Television has always played a curious role in American politics.
If anybody understands this amorphous nexus, it's former U.S. vice president Al Gore, who was a reporter before he entered public office and has been parodied so many times by Saturday Night Live he should demand royalties.
One of the abiding myths south of the border is that liberals control the media. Of course, the rubes who prevaricate such folly are the conservatives who control the media.
But, whatever. You say "tomato," I say, "Bill O'Reilly should be turned into cattle feed."
During the surreal run-up to war and later, as "Operation Iraqi Freedom" shocked and awed us on live television, it was astonishing to watch the American networks transmogrify into hollow echo chambers and jingoistic organs of the U.S. military.
How and why this happened should be of great concern to all. Especially when you consider a recent poll that found one third of the American public now believes weapons of mass destruction were uncovered in Iraq. Another 22 per cent believe Iraq used chemical or biological weapons against coalition forces.
This would be mildly amusing if it wasn't so damn frightening.
So when reports surfaced that Gore is hoping to create a new cable channel devoted to "progressive" viewpoints, nobody should have been surprised.
As Time magazine reported, Gore has met with Hollywood power brokers and potential financial backers.
The plan, it seems, is to launch a station that could compete with Rupert Murdoch's conservative Fox News Channel, the cable station that beat CNN in the Iraq ratings game by waving flags and excoriating all things anti-war.
The magazine also reported that Gore has been acting as a conduit between high-profile liberal commentators and Sheldon and Anita Drobny, the Chicago venture capitalists who announced plans to fund a progressive radio network that would act as a tonic to the conservative elixirs served up by Rush Limbaugh and other idiots.
The irony, of course, is that prior to the Iraq war, the prospect for a new liberal cable station would have been about as promising as George W. Bush joining Greenpeace.
But since the war ended, evidence continues to mount that U.S. intelligence was torqued to justify the invasion. More importantly, no weapons of mass destruction have been found, something critics, including U.N. weapons inspectors, predicted long before the first bombs exploded in Baghdad.
(Help me out: If Iraq posed no threat, what exactly was being pre-empted?)
These stark realities have forged a new political climate and a fissure on the American right, where many card-carrying Republicans are now questioning the wisdom of the unilateral neo-cons who served as the war-mongering puppet masters.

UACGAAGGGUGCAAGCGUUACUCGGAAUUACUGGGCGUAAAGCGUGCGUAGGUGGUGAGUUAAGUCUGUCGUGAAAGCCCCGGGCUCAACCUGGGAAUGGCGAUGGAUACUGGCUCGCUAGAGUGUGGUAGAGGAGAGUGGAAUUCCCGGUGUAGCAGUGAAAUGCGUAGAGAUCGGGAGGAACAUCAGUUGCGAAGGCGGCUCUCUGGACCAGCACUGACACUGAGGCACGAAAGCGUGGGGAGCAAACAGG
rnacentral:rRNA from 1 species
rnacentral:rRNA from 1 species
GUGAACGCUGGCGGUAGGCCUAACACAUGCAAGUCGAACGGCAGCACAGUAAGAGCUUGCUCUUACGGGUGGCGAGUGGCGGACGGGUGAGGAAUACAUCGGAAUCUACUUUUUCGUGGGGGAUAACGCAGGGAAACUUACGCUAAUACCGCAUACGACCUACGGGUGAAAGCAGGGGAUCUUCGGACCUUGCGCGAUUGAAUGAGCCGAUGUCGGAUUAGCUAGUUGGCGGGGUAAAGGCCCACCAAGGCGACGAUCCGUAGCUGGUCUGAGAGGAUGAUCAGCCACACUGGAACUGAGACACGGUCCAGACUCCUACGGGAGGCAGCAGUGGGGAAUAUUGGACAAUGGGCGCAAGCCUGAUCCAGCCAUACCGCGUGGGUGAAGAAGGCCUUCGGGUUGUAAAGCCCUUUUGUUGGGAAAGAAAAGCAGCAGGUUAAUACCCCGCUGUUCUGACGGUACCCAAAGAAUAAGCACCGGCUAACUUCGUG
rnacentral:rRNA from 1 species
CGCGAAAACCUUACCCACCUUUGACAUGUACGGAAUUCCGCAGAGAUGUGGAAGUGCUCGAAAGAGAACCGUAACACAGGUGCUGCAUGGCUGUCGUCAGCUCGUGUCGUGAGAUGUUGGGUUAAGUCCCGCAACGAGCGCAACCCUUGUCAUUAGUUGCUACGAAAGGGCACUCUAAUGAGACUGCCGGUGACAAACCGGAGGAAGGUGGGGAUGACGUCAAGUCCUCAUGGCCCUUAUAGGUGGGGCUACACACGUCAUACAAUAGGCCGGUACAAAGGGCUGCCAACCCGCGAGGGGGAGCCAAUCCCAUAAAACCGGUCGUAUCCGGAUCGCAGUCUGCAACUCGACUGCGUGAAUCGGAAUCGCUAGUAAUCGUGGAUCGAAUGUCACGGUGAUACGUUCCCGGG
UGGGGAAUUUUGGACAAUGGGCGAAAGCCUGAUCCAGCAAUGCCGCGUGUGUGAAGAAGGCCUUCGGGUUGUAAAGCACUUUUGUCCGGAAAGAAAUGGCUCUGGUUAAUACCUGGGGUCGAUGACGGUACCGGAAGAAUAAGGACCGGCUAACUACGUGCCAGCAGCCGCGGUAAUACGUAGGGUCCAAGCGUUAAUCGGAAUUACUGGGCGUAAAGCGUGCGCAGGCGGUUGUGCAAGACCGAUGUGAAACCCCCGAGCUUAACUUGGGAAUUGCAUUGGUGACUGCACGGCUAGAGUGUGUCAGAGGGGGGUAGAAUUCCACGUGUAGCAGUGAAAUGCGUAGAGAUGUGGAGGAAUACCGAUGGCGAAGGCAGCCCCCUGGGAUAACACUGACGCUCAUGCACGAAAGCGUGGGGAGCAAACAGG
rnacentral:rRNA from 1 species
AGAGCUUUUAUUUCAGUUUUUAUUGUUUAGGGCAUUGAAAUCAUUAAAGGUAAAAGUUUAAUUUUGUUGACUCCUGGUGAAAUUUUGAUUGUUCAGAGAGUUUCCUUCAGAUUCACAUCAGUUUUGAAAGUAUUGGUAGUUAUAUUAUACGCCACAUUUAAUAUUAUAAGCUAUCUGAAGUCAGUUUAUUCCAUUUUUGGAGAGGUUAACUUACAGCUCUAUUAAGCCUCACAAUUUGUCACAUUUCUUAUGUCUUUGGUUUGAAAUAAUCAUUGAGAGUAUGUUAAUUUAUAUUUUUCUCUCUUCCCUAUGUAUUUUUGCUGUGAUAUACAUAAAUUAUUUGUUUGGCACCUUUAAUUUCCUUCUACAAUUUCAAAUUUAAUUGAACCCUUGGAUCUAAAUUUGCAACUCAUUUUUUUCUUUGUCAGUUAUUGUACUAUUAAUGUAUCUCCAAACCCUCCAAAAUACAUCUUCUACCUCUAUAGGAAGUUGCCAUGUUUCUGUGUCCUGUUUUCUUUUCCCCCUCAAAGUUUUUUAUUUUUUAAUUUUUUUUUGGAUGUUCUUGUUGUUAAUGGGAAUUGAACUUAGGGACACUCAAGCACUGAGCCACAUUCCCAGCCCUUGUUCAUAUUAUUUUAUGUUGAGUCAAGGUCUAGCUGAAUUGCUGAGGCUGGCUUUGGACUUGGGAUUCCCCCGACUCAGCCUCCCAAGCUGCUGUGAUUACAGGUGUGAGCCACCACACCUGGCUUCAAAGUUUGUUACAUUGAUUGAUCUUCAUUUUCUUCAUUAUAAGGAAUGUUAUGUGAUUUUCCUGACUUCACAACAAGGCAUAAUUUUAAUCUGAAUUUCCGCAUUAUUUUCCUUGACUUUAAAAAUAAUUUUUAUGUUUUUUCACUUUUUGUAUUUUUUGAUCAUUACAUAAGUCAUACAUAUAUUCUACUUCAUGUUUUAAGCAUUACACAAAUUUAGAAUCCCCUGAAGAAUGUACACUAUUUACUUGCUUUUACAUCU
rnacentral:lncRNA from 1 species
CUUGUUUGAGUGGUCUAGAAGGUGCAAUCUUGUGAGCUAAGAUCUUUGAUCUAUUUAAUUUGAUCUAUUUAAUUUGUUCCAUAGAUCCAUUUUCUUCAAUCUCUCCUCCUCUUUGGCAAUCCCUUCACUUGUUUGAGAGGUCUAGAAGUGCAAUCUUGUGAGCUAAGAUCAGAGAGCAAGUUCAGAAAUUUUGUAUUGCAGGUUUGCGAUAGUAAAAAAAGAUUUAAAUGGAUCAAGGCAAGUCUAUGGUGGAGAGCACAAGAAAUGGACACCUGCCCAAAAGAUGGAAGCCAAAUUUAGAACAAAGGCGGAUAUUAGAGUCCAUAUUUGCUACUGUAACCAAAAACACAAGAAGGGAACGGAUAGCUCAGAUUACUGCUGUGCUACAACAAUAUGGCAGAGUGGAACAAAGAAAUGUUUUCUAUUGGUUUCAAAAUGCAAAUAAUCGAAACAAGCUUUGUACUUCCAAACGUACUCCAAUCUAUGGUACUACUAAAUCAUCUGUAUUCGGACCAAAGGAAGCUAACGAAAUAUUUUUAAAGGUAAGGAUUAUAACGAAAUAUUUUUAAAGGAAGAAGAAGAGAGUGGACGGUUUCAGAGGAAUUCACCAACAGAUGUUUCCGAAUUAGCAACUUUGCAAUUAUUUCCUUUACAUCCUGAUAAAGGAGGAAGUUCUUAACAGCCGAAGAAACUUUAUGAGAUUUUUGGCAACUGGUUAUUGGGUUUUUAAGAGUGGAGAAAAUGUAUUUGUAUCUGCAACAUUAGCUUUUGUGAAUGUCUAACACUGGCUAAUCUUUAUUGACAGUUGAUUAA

"It was, after all, the neo-cons who sold the country on the notion that Iraq had a huge arsenal of weapons of mass destruction, that Iraq was behind 9/11, that Saddam had ties to al-Qaeda, that the war would be a `cakewalk,' that we would be welcomed as liberators, that victory would bring democratic revolution in the Middle East," wrote Pat Buchanan, in this week's edition of The American Conservative.
"Should the cream go sour, the neo-cons will face the charge that they `lied us into war.'"
On Monday, in a front page story, the Washington Post interviewed Rand Beers, a top counter-terrorism adviser at the White House. He resigned five days before the war began and is now volunteering as a security adviser for Democratic Senator John Kerry, a presidential candidate.
As Beers told the Post: "The (Bush) administration wasn't matching its deeds to its words in the war on terrorism. They're making us less secure, not more secure. As an insider, I saw the things that weren't being done."
Which brings us, circuitously, back to Gore and his idea for a new progressive television station.
The timing, you see, couldn't be better. The war in Iraq has triggered new criticism and also a willingness to foster a broader debate. Just think, Mr. Gore, about all the gunslingin' liberals who could be convinced to assume new starring roles on television, including Bill Maher, Al Franken and Phil Donahue.
But, best of all, the conservatives are starting to second-guess one another. And since American viewers prefer things that aren't too complicated, they're probably getting ready to change the channel right about now.
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